Are you still with me, Mr. President? Flash forward to September 14: We begin with an aerial view of the blackened, skeletal rubble that was once the most magnificent skyscraper in the world. We hear the sounds of President George W. Bush delivering to the firefighters of New York an inspirational, stirring speech through a bullhorn. The President is commemorating the bravery of all the victims who were lost on that dark day. Suddenly, a raspy voice rings out from the crowd: "I can't HEAR you!" The camera closes in on The President. At first he looks confused, then grins and replies, "Ah, but I can hear you! In fact, the rest of the world hears you! And the terrorists who knocked these buildings down… will hear all of us soon!" Rising above the cheers can be heard the phlegmatic laughter of two senior citizens; the camera swings around to reveal Statler and Waldorf, the pair of irate old men who often jeered their fellow Muppets during the live broadcasts of The Muppet Show, sitting on a nearby lamppost as they hurl vicious invectives at the President. (Note: Statler and Waldorf were the only Muppets who survived the destruction of Flight 11 because they ended up getting packed in a piece of luggage that was accidentally rerouted to Boston's Logan Airport.) Statler: "Eh? What's that? The terrorists who knocked these buildings down? You jackball! Don't you know that your own cabinet engineered the hijacking? Donald Rumsfeld and Dick Cheney knew about the plot months ago and refused to do anything about it in order to kickstart a decade-long war in the Middle East that would be lucrative to American weapons manufacturers!" Waldorf: "Wha—? Are you sayin' the President of the United States is a puppet?" Statler: "Now hold on there, my friend! Let's not give the poor fellow more credit than he deserves!" Both Muppets laugh in tandem at this comment, but their hearty cackles are cut off abruptly by the sound of gunfire. Metal-piercing bullets blow white stuffing out of the backs of Statler and Waldorf's octogenarian heads, thus silencing the colorful critiques of Statler and Waldorf forever. Dubya's eagle-eyed secret service agents have picked off both hecklers with quick and clean kill shots—not unlike the ones that will eliminate Osama bin Laden from the planet eleven years hence. Dubya continues his rousing speech, not missing a beat, the bullhorn seeming to grow louder and louder until all that's audible is a promise of righteous vengeance against those who have wronged the United States followed by an unintelligible roar from the teeming masses gathered at Ground Zero.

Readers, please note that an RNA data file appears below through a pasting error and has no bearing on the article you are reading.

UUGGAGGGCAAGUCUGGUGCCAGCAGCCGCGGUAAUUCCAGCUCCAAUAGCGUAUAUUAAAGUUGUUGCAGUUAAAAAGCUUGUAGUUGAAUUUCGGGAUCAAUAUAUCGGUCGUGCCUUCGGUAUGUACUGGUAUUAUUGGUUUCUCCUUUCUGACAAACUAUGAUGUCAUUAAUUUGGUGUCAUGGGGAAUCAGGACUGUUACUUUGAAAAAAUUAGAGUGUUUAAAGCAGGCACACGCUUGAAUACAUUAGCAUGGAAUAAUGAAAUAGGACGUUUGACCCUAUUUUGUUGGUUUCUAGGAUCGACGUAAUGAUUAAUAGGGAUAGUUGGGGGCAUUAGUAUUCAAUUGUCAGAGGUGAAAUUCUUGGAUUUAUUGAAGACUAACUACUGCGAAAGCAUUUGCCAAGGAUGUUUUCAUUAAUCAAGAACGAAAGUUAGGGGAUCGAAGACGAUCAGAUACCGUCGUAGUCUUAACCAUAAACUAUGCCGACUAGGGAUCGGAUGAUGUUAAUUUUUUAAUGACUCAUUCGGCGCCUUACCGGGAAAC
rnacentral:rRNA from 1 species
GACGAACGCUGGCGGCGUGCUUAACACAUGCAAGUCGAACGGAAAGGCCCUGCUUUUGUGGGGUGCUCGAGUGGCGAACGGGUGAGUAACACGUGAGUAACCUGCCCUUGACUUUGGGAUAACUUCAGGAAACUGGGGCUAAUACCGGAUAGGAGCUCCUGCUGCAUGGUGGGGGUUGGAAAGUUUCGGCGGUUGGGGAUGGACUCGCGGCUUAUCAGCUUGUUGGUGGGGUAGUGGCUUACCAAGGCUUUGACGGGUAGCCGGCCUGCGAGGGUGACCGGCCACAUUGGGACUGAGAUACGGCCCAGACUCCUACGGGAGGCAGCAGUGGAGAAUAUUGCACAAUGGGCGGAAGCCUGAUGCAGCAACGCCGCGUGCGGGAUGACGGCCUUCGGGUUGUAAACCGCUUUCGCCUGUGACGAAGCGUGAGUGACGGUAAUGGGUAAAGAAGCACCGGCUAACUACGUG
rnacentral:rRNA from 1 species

Of course, the key to this plot is the simple but beautiful fact that the presence of the Muppets does not change the outcome of this drama whatsoever. We think, at first, that the Muppets are going to save the day… but no. The tragedy turns out the same exact way—whether the Muppets are there or not. The only difference is that we can now add thirty-eight of America's most beloved entertainers to the necrology, resulting in a final casualty list of 3,034.
Well, I better go to sleep now. I'm sure you have a lot to do tomorrow as well. I'll let you know how the meeting goes as soon as possible. I can't wait to see the awed expression on the EVP's face when I pitch this billion-dollar-idea to him tomorrow. Wish me luck, old friend! Until next time, I remain…
Robert W. Guffey